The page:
Browser Updates To Kill 850,000 Web Sites

The days of old TLS versions are nigh. All major web browsers – Safari, Mozilla, Chrome, and Edge – will disable support of TLS 1.0 and TLS 1.1. The old and insecure versions of SSL protocols.

Browsers will phase out the old versions this and next months. According to Netcraft and ZD Net, this change will affect websites for major banks, governments, news organizations, telecoms, e-commerce stores, and internet communities.

This step is a planned change that was announced back in November 2018. At the time the statistics of the SSL versions were as follows:

  • Safari – TLS 1.2 was used on 99.6% of connections. TLS 1.0 and 1.1 planned for March 2020.
  • Chrome – 99.5% of connections with TLS1.2 or TLS1.3. Warnings from version 72, disabling planned for January 2020.
  • Edge and Explorer 11 – planned to disable TLS 1.0 and 1.1 in the first half of 2020.
  • Firefox – planned to disable support of TLS1.0 and TLS1.1 in March 2020.

Upgrade from TLS1.1 to TLS1.2 allows using new encryption algorithms and deprecation of weak functions MD5 and SHA1. The latter have practical attacks where the reward is sufficiently high and where the attacked data has long-term validity (like SSL certificates). Having said that big companies are still using SHA-1 on their TLS-based servers, including Google who invested in SHA-1 attacks to encourage the use of new encryption methods.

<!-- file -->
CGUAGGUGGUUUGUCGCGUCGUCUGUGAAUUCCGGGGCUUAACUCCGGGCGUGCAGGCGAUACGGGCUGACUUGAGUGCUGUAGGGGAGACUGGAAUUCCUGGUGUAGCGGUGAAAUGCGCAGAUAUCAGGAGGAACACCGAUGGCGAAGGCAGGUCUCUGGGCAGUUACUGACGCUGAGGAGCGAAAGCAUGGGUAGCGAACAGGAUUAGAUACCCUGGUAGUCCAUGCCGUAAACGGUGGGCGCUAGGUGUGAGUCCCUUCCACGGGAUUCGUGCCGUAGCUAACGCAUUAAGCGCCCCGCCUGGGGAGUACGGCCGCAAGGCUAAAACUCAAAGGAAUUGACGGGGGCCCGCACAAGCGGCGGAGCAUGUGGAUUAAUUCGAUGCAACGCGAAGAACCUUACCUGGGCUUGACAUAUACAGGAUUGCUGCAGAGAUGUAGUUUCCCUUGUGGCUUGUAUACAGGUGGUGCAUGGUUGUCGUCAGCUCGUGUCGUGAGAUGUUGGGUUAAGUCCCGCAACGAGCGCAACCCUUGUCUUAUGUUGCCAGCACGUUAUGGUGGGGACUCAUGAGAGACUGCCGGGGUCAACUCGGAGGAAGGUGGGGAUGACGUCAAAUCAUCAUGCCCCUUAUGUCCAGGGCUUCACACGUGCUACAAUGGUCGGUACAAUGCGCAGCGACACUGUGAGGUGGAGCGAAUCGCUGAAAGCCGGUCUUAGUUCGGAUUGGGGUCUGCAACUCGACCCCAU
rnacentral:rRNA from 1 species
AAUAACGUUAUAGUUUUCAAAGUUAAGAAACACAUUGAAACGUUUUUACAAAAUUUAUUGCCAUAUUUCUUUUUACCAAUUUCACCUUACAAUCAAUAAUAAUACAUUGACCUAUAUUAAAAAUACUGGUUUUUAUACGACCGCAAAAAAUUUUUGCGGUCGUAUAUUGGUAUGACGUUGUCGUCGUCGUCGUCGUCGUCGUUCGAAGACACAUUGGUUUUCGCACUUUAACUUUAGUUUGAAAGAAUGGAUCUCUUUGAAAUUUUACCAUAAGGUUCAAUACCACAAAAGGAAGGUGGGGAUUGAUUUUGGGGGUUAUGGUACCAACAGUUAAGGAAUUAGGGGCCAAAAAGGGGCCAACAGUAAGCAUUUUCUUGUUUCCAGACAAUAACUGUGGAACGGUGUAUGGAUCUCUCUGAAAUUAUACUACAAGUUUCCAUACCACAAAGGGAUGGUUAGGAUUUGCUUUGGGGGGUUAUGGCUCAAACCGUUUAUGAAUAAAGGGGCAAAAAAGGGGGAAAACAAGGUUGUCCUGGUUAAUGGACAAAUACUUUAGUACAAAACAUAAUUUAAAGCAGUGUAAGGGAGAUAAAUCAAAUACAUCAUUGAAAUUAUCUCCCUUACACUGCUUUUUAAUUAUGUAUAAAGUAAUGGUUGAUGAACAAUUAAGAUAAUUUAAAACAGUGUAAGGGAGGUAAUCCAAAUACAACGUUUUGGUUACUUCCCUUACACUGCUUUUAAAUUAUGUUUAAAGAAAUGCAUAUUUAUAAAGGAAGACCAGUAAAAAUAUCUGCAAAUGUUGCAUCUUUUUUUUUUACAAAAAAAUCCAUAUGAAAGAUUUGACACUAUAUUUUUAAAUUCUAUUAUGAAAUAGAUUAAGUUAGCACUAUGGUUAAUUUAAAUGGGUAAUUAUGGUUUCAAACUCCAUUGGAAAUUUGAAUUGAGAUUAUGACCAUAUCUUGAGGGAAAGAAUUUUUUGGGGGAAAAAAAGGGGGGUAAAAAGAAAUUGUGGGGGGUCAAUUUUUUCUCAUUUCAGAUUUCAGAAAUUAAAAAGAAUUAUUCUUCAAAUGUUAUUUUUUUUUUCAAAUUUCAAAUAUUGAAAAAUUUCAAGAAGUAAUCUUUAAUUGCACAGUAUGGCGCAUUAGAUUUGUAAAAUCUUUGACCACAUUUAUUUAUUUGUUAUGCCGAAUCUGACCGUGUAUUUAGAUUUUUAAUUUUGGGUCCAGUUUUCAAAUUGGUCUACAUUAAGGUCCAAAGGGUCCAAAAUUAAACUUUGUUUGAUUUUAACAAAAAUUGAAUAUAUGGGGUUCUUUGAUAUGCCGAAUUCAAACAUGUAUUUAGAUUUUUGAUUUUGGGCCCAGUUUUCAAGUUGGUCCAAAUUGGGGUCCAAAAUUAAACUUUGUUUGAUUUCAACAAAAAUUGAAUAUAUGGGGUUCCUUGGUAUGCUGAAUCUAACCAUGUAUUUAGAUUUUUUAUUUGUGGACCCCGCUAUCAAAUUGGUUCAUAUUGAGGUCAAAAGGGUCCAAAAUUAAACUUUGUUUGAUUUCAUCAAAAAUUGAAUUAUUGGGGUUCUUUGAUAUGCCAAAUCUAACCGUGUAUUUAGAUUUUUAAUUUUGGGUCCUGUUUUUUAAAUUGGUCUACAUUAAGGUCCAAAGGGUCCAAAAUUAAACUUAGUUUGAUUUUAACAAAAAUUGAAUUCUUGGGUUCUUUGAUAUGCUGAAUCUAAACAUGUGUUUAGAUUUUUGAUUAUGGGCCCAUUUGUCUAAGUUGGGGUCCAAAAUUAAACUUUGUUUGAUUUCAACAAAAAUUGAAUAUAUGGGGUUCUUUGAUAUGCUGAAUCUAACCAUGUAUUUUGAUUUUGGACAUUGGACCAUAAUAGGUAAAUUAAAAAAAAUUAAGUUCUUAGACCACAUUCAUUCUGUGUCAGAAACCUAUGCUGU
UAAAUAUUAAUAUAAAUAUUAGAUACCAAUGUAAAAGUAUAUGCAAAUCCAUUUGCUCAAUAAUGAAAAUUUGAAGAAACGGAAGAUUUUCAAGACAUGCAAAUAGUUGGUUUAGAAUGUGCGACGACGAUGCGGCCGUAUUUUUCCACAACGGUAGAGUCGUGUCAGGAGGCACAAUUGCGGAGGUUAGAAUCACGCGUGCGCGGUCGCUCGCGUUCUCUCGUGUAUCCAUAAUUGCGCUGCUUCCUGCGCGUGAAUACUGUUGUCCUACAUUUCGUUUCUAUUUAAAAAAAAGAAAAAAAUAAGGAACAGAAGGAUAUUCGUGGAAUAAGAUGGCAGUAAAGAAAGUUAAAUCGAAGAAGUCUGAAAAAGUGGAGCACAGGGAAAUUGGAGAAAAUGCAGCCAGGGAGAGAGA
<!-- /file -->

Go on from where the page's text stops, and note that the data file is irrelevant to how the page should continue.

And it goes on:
TLS1.0 contains a vulnerability allowing downgrade of the protocol to the insecure SSL3.0 (that was first implemented in 1996 still as a Mozilla “standard”). As a result, attackers can force the use of keys that can be broken in hours or less.

What will practically happen? Browsers will start showing full-page warnings – similar to expired certificates and prohibiting access to servers with old versions of TLS. This means that around 5,000 of the top 1,000,0000 web sites still using old protocols will become inaccessible unless they complete an upgrade in the coming days.

Full page warning in the new Mozilla browser.

Full page warning in the new Mozilla browser.

The most recent update clarifies the dates of complete deprecation of TLS1.0 and TLS1.1, which will happen in the next upgrades of Chrome (version 81) and Firefox (version 74). Releases of these versions are scheduled for later this month.

Safari will follow suit this month as well, although no recent update has been given. Microsoft will join other browsers with its browser Edge (version 82) at the end of April.

You have better things to do, Let KEYCHEST look after your certs. KeyChest with its global database of web certificates can instantly create an initial “big picture” so you can start analyzing your exposure to cyber attacks and adjust it according to your risk appetite.


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